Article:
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Wild Eagles Find A Baby Hawk And Raise Him As Their Own Kid

"There’s no sibling rivalry. The eaglets are kind of nice to it. It’s unbelievable."

A family of wild bald eagles in Canada has welcomed an unlikely newcomer into its fold — a baby hawk who, quite remarkably, appears to be thriving under their care.

The young red-tailed hawk was first spotted in May, cozied up in the eagles' nest along with their eagle babies. Despite being visibly different from the others, the eagle parents appear to regard the hawk as their own, making sure he has his share of food carried back to the nest.

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How did this arrangement come to be? Researcher David Hancock, from the Hancock Wildlife Foundation, has been keeping a close eye on this family. This is his best theory.

"I think the hawk was picked up by the eagles as potential food and brought back to the nest," Hancock told The Dodo. "That’s not an unheard-of event."

But rather than tear the little hawk apart, the eagle parents apparently had a change of perspective.

"It’s a great biologically rooted question. If an eagle has two of her own babies in the nest, why does she not feed one to the other? Obviously, there’s some mechanism there that prevents it," said Hancock. "It could be that the baby hawk is similar enough in appearance, or it made a begging sound that triggered the nurture response. It’s an interesting concept."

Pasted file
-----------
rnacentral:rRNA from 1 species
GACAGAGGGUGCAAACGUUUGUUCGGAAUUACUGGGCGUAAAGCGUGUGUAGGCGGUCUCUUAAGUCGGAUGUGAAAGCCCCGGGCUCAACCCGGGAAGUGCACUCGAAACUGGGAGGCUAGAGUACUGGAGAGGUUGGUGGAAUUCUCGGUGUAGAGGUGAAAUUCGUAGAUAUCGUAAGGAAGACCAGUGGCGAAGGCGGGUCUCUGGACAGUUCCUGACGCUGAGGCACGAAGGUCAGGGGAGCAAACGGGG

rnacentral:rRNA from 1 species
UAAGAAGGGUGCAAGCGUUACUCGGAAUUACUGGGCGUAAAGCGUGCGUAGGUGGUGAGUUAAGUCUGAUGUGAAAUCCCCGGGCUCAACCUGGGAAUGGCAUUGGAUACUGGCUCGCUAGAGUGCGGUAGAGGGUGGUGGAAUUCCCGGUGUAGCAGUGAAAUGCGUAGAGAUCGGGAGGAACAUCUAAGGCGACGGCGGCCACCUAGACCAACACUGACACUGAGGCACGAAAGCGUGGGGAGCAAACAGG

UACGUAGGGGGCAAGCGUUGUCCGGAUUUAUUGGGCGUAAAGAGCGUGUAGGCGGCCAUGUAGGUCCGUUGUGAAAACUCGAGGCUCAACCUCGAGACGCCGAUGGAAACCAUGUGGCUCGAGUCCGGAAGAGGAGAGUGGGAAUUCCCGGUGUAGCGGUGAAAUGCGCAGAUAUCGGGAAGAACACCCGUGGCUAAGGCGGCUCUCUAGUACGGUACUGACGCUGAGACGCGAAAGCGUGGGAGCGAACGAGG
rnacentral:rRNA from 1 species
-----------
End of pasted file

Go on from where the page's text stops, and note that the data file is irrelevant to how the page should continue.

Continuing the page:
Whatever the case, Hancock calls it a "lucky break" for the hawk. (And the little guy certainly isn't protesting.)

What makes the situation even more impressive is that the baby eagles don't seem to mind having to share the nest, or their food, with the feathered outsider. In fact, it's almost as if they're glad he's there.

"The hawk is not being browbeaten. There’s no sibling rivalry. The eaglets are kind of nice to it," said Hancock. "It’s unbelievable!"

Baby red-tailed hawks leave their parents' nest sooner than baby bald eagles do, and if all goes well, this adoptee will soon strike out on his own.

The baby hawk will fledge in about a week. But since fledgling hawks normally need lots of help from their parents at first (whereas fledging bald eagle require less), his future is a little uncertain. Hancock plans to be there when the hawk tumbles to the ground after the first attempt at flight, so he can take him to a facility where he'll learn the skills he needs to survive.